Voice

To be honest, I have a personal bias for Asian horror movies. I tend to enjoy their concepts and cinematography much more than Hollywood horror movies. In addition, I tend to prefer the Asian versions of films over their American remakes, such as The Grudge or The Ring. Even outside the horror genre, I appreciate the Asian-made movies more than their American counterparts, such as the romantic movie My Sassy Girl. I think that I have this personal bias firstly because I can relate to Asian culture more than American culture and secondly because I become much more terrified and even traumatized by the characters and scenes in Asian horror movies.
Even though the statement above seems quite masochistic, it only means that I like horror movies simply because they are terrifying, so the scarier the movie the better. Voice, as mentioned in class before, is part of a series of Korean horror movies with similar plots and settings. I have watched another movie that is also part of the series, specifically, Wishing Stairs. The two movies were quite similar in the sense that both were about a pair of female high school best friends who end up competing with or for each other. Despite the fact that the plot was not original and the horror scenes were quite predictable, Voice was still an enjoyable horror movie.
I liked it first and foremost for its typicality. Because the entire movie was almost predictable, I was able to detect most of the “horror” or “surprise” moments. Because of this, it built up the suspense and I ended up being scared because I opened myself to the scenes. What I am trying to say is that its predictability contributed to its success as a horror movie. This thought probably makes more sense when taken in the context of classical horror movies, such that their plots are almost identical. In my opinion, about 50% or more of horror movies revolve around characters going into a situation in which they know nothing about and then there are latent supernatural events wherein the characters become collateral damage. However, I think that most horror movies have similar plots precisely because those kinds of stories are successful in bringing horror to their audience.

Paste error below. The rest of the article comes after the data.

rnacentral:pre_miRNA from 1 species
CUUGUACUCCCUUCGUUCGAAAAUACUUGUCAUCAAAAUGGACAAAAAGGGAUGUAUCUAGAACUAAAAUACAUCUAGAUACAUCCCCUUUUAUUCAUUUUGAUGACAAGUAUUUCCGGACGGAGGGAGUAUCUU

Second, I enjoyed Voice because of despite it not being original, it still managed to have unique plot twists or original character concepts. For example, I liked the fact that it dared to portray the loving but somewhat possessive and even slightly homosexual relationship that is seen in all-girl high schools. Furthermore, it was fascinating to find out that the ghost was actually an student who was also significantly connected and even obsessed with the music teacher. These are the kinds of situations that make Asian films unique and, for me, successful horror movies.

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